As Cathedrals and Dioceses across Australia joined St Paul’s Cathedral’s 2014 awareness campaign to fully welcome refugees, the Dean wrote:
Twice a week, young people from overseas come to St Paul’s Cathedral Melbourne for a few hours’ English conversation, followed by a shared meal. All of them are new arrivals to Australia. Many of them are refugees. Volunteers from churches across the city teach them English, and help them make sense of their experiences in Australia. Just as important as making them welcome in their new setting, though, is providing a listening ear to their stories.
The refugees that join us at St Paul’s share stories of privation and difficulty in their homelands. They speak of the dangers of the journey here and, for those who arrived by boat, their very real fears of not making it alive to our shores. They are people who risked all for their new beginning. All of them are grateful that here in Melbourne they can live without being afraid for their lives. Many of them worry about those they left behind: parents, siblings or friends who share their beliefs, and who often are subjected to the same reprisals the young migrants who come to St Paul’s experienced.
Australia doesn’t make it easy for asylum seekers to find refuge here. Among the signatory nations to the UN Convention on Refugees we stand alone in denying people asylum based on their mode of arrival. Soon finding asylum here is going to be even harder. Both the Coalition and the Labor party seek to ‘stop the boats’, and have put forward harsh policies and drastic solutions to reduce the numbers of asylum seekers coming to Australia by sea. In their desire to demonstrate their determination, the leaders of our two largest parties are putting policy before people. In doing so they are not only failing some of the most vulnerable people there are but, as a recent UN Human Rights Committee inquiry has highlighted, are in very real danger of failing to safeguard the human rights of each asylum seeker.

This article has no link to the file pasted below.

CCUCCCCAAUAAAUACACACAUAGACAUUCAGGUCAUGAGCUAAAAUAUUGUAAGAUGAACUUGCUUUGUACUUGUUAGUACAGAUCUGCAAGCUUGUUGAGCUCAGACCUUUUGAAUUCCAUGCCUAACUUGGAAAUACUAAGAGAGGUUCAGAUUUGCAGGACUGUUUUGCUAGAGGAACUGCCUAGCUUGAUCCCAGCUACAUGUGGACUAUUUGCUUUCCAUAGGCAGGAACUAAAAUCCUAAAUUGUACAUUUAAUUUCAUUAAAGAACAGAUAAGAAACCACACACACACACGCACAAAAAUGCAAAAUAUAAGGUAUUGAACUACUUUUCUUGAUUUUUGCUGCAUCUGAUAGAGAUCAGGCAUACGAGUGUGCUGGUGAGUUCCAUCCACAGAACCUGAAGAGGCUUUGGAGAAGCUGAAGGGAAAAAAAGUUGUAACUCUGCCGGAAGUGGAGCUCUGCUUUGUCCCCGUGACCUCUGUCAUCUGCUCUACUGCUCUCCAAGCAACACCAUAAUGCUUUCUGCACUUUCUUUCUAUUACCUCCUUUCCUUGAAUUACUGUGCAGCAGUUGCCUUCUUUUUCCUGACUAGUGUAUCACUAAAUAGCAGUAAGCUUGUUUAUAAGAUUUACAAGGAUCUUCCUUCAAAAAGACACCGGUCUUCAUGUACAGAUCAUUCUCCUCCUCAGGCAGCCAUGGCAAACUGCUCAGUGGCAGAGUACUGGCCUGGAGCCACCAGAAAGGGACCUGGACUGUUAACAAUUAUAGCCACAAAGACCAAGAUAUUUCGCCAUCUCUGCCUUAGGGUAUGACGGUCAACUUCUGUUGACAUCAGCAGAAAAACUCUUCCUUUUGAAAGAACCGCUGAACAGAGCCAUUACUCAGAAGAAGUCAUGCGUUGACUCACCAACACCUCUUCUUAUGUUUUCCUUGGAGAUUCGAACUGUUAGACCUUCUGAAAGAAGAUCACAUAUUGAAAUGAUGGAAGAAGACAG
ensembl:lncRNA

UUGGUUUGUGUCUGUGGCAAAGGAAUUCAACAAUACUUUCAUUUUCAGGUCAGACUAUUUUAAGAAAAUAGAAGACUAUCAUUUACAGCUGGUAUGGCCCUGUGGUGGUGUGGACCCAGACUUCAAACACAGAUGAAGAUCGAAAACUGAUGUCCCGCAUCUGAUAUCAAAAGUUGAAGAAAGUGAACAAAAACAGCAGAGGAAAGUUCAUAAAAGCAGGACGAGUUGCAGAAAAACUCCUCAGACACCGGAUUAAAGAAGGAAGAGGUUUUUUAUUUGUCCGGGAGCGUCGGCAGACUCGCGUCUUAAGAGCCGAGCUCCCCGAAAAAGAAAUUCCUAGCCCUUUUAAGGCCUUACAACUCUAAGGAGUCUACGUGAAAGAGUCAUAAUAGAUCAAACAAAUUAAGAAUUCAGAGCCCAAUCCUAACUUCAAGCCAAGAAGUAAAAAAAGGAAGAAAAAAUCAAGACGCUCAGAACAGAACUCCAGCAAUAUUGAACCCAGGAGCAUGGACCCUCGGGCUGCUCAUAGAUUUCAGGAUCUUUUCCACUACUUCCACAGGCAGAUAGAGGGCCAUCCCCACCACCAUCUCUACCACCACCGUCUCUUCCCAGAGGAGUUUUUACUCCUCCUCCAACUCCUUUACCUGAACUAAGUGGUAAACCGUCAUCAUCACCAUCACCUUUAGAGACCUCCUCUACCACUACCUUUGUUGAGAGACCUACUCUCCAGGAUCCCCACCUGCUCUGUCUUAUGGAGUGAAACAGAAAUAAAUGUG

Both Mr Rudd and Mr Abbott are church-going Christians. The founder of our faith, Jesus Christ, was himself a refugee from the persecution of a tyrant Middle Eastern ruler. The Christian message on refugees is unequivocal: ‘What you have done to the least of these my brothers and sisters, you have done to me’, Jesus teaches (Matthew 25:45). For me, it is clear that the Christian answer to our asylum problem is not the one offered by the government or the opposition: regional deterrance and increased off-shore processing will not provide the hoped-for long-term viable solution to Australia’s asylum crisis.
What will provide a long-term solution to our asylum challenge is the tried and tested Australian approach to migration, affirmed with pride in our national anthem: ‘For those who’ve come across the seas, we’ve boundless plains to share’. Practised since the pioneer-days, and certainly from the time of the Victorian goldrush, our nation has shown like few others how integration can create a strong, and diverse society. The refugees who learn English and learn about Australia at St Paul’s every week want nothing more than to be able to become active contributors to our vibrant nation. This is why we at St Paul’s, joined by many Anglican Cathedrals and dioceses throughout this nation, call on our political leaders: ‘Let’s fully welcome refugees!’
To download a full-scale version of the orginal ‘Let’s Fully Welcome Refugees’ banner displayed on the South-West spire of the Cathedral, click here.